Depending on your philosophy and goals in your life, some opportunity to see and to hear are beneficial and some are harmful to you. You have a choice of books to read, you have a choice of music to hear, choice of people you keep company with. You have to make many decisions and choices each day. If you don’t pay attention what you are doing, there is a chance you could slide towards regions you do not want to be in.

The same applies to your mouth. You may remember that in the New Testament the disciples ask Jesus whether they are allowed to eat meat. Jesus does not answer this question and he replies that what degrades you is what goes out of your mouth, not what goes in. Similarly, there is a saying in Jewish tradition (Pirkey Avot), where a young scholar says: I have grown up among the wise sages, and the most important thing I have learnt is to be silent.

Thus, we have to decide what is appropriate to see, to hear, and to say; and we have to do it honestly. However, we have a tendency to do things in contradiction to what we judged to be harmful or beneficial. We know that exercise is good for our health and we neglect to exercise. We know that too much sugar is bad for our health and we still eat it. That is why we need an “officer” in addition to a judge in our gates. The knowledge is not sufficient. We need a will (the officer) to force ourselves to follow what we judge, what we consider as good or not so good for us.

Somewhere I came across an invocation which I repeat every time I take a shower or a bath. It goes like this:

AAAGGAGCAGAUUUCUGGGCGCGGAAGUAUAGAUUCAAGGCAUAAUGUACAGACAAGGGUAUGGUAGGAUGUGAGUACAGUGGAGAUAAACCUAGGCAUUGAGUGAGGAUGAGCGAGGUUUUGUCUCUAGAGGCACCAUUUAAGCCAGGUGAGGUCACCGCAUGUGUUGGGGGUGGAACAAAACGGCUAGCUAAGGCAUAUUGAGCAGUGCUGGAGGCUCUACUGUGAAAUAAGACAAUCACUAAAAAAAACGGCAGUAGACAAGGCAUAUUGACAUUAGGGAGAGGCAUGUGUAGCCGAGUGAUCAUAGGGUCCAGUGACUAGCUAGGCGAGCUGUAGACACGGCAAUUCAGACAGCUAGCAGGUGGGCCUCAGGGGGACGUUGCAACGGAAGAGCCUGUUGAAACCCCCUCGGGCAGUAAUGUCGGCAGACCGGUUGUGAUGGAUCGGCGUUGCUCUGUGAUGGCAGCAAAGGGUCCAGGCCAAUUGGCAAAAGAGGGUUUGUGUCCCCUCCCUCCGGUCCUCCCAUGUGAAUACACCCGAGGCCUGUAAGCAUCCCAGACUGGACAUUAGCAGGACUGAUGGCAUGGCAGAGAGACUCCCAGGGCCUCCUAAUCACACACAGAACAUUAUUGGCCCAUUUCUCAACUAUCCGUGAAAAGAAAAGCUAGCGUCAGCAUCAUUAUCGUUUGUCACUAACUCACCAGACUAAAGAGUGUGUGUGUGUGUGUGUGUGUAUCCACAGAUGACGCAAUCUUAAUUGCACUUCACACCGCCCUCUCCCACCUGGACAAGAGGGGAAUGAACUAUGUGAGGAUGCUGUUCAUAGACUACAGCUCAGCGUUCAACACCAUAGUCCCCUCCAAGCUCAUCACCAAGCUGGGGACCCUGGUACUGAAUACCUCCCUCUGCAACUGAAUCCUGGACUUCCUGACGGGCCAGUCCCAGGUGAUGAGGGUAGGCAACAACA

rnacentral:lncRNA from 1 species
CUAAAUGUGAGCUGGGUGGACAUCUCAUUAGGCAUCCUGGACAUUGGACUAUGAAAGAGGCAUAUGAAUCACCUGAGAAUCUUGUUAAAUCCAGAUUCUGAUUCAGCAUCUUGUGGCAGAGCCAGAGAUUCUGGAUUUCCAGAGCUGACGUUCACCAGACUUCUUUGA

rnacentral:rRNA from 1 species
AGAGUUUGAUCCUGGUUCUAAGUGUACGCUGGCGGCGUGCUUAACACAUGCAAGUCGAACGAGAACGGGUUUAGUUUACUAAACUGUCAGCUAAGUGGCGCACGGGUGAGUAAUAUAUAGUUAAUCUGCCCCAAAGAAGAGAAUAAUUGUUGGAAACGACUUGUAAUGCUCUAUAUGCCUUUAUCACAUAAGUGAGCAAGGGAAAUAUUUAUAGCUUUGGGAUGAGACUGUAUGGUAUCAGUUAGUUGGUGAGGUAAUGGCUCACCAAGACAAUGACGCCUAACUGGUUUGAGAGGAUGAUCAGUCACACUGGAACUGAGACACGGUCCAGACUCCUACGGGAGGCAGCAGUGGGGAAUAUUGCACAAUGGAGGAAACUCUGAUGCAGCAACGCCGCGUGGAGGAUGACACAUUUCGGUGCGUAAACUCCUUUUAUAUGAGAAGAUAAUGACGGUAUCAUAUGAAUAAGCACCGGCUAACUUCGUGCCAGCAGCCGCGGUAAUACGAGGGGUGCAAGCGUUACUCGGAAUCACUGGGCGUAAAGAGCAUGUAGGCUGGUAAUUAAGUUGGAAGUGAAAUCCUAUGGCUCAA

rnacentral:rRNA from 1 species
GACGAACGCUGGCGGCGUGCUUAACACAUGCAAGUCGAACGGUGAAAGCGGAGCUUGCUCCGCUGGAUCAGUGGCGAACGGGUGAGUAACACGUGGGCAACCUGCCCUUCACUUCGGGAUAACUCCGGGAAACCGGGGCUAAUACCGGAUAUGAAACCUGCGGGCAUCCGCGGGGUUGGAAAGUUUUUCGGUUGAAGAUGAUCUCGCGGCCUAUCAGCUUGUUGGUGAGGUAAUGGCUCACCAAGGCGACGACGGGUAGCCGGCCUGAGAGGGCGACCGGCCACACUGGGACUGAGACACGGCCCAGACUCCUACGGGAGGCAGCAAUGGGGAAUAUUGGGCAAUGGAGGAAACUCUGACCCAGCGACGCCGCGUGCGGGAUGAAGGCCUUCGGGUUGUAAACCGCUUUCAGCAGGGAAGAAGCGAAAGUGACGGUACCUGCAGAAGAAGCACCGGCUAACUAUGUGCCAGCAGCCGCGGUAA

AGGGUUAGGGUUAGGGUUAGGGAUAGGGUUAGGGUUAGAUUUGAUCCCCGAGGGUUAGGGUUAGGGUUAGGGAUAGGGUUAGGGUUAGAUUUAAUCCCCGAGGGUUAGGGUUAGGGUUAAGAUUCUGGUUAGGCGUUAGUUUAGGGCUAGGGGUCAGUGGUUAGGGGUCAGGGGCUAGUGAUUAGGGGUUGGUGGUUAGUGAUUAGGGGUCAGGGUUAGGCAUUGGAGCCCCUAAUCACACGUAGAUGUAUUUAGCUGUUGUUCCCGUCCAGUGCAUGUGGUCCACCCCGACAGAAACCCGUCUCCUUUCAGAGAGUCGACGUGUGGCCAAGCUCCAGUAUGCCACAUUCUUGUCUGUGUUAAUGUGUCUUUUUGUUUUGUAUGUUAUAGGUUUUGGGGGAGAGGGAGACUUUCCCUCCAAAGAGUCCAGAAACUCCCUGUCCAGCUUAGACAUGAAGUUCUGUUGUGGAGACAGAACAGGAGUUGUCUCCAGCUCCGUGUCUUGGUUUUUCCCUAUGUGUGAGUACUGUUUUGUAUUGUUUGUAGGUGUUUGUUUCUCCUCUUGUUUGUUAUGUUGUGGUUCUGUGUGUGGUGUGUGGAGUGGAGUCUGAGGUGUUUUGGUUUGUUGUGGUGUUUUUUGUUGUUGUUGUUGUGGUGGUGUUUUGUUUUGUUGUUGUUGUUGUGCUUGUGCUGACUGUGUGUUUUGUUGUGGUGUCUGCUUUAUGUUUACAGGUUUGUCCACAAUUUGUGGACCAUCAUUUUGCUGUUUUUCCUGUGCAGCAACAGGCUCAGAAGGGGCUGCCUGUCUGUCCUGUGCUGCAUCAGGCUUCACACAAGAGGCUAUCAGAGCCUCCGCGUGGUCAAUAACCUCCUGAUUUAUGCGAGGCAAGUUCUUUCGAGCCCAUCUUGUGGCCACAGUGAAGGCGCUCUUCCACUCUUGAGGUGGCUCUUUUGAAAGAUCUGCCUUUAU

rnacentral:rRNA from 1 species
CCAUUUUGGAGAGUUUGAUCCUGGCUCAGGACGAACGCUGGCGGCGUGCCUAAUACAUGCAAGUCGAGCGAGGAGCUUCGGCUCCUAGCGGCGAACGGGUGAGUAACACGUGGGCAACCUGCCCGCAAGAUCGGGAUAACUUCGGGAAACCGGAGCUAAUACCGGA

I wash my head from impure thoughts and images.
I wash my head from false beliefs.
I wash my eyes, to see only good in this world.
I wash my ears, to hear your tiny voice.
I wash my mouth to speak truth and in a gentle way.
I wash my neck, to turn around to see needs of my fellowmen.
I wash my hands and my arms, to do only good deeds in this world.
I wash my feet and my legs, to carry me to a company of holy men. So be it.

If you count them (the gates) you may say they are eleven. Thus, what about a city of ten gates? Well, my two legs and feet count just for one. When I go anywhere, I never use just one of them.


Thus, let us not forget to appoint judges and officers in all our gates. And let us remember that each scripture offers us stories as well as a deeper meaning behind those stories. Stories are like garments, but there is a body and the soul hidden behind the garment. However, nobody can tell you what is behind the garment. This is something that each of us has to discover for himself/herself. There are many ways to break the shell of a nut. The above is just an example.


Table of Contents


Petr Chylek is a physicist. He was a professor at several US and Canadian universities. He is an author of over 150 publications in scientific journal. In his spare time, he taught Yoga and a western style of mysticism.


8 Responses

  1. I find of particular interest the answer to “Why is the righteousness repeated here twice?” How differently do our, self-admittedly “corrupt and malicious” federal courts operate!!!

    1. Yes, you are so right. We are so used to see people to do whatever they consider “right” to achieve their goals, that we even don’t realize that all this is wrong.


  2. ‘For pity is the virtue of the law,
    And none but tyrants use it cruelly.’

    Alcibiades in ‘ Timon of Athens’

  3. Strong and inspiring words. I always appreciate the clarity you bring when you put your thoughts into print.